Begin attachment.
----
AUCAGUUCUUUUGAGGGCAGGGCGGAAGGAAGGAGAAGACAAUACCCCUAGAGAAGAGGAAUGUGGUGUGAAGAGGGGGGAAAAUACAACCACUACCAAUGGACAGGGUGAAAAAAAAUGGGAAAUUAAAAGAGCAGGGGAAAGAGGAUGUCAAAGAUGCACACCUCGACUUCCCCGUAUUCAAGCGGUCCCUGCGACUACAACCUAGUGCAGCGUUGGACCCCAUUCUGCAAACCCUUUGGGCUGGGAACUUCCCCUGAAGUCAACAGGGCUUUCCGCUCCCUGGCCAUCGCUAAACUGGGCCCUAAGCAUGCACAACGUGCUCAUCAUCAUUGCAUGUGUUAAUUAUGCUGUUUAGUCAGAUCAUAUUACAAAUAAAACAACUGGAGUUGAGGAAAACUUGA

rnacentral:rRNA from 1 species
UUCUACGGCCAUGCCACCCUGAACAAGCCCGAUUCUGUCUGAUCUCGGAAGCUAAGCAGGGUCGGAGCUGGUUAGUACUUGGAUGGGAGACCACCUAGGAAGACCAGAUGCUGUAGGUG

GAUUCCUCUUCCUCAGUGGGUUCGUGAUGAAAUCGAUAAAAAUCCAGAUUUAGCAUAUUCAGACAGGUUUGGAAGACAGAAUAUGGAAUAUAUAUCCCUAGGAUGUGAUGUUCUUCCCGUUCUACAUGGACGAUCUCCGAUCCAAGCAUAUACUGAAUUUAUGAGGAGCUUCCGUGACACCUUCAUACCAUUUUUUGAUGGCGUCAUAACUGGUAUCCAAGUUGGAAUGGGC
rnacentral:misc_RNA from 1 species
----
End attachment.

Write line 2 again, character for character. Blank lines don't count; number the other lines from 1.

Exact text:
rnacentral:rRNA from 1 species